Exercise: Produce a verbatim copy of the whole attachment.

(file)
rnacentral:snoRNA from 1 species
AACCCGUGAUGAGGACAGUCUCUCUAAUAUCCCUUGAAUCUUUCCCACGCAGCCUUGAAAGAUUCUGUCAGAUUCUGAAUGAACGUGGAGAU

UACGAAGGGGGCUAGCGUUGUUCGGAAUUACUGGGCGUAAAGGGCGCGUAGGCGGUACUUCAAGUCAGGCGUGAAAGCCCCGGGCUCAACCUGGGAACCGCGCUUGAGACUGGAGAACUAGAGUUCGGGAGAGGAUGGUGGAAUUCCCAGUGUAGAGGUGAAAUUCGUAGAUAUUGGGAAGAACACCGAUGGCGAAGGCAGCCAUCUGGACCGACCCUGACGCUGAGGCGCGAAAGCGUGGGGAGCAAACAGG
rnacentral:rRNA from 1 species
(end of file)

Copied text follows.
rnacentral:snoRNA from 1 species
AACCCGUGAUGAGGACAGUCUCUCUAAUAUCCCUUGAAUCUUUCCCACGCAGCCUUGAAAGAUUCUGUCAGAUUCUGAAUGAACGUGGAGAU

UACGAAGGGGGCUAGCGUUGUUCGGAAUUACUGGGCGUAAAGGGCGCGUAGGCGGUACUUCAAGUCAGGCGUGAAAGCCCCGGGCUCAACCUGGGAACCGCGCUUGAGACUGGAGAACUAGAGUUCGGGAGAGGAUGGUGGAAUUCCCAGUGUAGAGGUGAAAUUCGUAGAUAUUGGGAAGAACACCGAUGGCGAAGGCAGCCAUCUGGACCGACCCUGACGCUGAGGCGCGAAAGCGUGGGGAGCAAACAGG
rnacentral:rRNA from 1 species